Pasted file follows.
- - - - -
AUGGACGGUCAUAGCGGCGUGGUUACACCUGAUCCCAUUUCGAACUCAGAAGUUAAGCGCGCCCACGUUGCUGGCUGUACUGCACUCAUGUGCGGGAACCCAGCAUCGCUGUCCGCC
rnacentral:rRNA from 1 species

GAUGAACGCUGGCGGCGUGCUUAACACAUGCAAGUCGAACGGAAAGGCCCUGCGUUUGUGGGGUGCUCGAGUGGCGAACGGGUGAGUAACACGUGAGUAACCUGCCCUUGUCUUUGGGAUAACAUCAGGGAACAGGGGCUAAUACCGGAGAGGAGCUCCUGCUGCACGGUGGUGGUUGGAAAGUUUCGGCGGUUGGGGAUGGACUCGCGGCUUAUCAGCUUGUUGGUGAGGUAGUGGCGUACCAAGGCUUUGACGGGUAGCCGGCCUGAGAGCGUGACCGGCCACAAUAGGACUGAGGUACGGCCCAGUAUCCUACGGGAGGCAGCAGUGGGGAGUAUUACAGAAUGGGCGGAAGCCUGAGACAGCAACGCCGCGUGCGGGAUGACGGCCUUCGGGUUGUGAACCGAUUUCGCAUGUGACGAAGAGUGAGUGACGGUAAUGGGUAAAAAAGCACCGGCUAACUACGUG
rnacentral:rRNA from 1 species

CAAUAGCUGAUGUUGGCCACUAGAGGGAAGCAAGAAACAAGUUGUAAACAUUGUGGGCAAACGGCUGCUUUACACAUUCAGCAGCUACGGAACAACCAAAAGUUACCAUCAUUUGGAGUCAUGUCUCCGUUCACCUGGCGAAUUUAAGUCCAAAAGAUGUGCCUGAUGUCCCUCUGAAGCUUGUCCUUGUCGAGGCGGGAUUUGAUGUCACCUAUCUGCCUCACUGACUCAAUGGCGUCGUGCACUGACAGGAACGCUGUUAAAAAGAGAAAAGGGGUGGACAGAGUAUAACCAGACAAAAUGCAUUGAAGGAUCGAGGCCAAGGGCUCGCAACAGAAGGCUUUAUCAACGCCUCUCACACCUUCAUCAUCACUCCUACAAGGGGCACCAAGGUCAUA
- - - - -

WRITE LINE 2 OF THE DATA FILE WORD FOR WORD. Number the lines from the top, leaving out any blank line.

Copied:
rnacentral:rRNA from 1 species